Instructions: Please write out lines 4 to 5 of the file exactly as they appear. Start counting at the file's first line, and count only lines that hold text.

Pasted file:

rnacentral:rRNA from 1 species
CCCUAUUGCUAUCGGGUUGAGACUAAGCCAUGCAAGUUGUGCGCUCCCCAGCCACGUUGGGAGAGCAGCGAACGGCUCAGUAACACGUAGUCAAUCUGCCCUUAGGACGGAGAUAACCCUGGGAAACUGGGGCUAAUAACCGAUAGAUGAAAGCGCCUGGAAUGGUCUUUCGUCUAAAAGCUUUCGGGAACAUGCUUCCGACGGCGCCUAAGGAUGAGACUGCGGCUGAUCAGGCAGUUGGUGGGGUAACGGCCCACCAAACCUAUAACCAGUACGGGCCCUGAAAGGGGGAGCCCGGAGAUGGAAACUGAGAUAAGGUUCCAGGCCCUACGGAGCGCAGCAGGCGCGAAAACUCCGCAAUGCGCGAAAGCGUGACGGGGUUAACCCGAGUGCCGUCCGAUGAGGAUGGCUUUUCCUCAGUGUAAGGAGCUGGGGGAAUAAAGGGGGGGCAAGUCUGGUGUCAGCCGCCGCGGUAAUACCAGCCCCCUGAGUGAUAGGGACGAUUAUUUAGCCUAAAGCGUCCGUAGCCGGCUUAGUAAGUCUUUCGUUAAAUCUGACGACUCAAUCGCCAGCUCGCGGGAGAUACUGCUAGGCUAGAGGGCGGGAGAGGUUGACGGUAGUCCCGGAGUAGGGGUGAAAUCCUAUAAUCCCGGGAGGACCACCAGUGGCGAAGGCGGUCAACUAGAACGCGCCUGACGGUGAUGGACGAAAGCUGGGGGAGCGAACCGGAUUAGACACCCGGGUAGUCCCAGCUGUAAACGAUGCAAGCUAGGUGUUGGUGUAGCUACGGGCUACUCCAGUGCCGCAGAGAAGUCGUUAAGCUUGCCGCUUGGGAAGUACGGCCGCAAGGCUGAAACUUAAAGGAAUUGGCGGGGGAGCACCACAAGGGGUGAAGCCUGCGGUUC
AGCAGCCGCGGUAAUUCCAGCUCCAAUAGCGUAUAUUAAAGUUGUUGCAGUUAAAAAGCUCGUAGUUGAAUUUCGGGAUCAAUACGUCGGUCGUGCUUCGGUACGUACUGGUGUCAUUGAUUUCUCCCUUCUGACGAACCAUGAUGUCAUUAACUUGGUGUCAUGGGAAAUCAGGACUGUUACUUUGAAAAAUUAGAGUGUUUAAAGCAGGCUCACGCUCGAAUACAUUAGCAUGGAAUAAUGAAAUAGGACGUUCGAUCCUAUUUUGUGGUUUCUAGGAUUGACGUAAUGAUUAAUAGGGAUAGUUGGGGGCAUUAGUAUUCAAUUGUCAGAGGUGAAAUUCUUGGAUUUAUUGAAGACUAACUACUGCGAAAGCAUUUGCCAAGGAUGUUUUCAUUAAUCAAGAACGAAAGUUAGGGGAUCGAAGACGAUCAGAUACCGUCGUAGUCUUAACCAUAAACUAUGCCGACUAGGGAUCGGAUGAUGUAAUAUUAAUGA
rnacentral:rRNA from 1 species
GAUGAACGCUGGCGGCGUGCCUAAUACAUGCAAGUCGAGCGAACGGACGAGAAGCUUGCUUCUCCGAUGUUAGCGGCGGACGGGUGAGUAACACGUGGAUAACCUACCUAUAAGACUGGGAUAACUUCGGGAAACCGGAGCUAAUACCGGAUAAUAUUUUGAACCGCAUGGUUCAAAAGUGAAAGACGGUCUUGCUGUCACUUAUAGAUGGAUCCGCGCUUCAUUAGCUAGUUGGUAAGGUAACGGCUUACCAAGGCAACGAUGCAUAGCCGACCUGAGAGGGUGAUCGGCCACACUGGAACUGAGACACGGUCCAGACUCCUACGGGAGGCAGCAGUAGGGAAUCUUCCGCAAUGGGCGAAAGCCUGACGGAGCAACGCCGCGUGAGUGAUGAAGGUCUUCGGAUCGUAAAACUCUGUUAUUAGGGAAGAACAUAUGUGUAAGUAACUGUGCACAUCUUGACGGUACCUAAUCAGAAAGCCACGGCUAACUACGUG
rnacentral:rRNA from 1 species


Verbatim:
rnacentral:rRNA from 1 species
GAUGAACGCUGGCGGCGUGCCUAAUACAUGCAAGUCGAGCGAACGGACGAGAAGCUUGCUUCUCCGAUGUUAGCGGCGGACGGGUGAGUAACACGUGGAUAACCUACCUAUAAGACUGGGAUAACUUCGGGAAACCGGAGCUAAUACCGGAUAAUAUUUUGAACCGCAUGGUUCAAAAGUGAAAGACGGUCUUGCUGUCACUUAUAGAUGGAUCCGCGCUUCAUUAGCUAGUUGGUAAGGUAACGGCUUACCAAGGCAACGAUGCAUAGCCGACCUGAGAGGGUGAUCGGCCACACUGGAACUGAGACACGGUCCAGACUCCUACGGGAGGCAGCAGUAGGGAAUCUUCCGCAAUGGGCGAAAGCCUGACGGAGCAACGCCGCGUGAGUGAUGAAGGUCUUCGGAUCGUAAAACUCUGUUAUUAGGGAAGAACAUAUGUGUAAGUAACUGUGCACAUCUUGACGGUACCUAAUCAGAAAGCCACGGCUAACUACGUG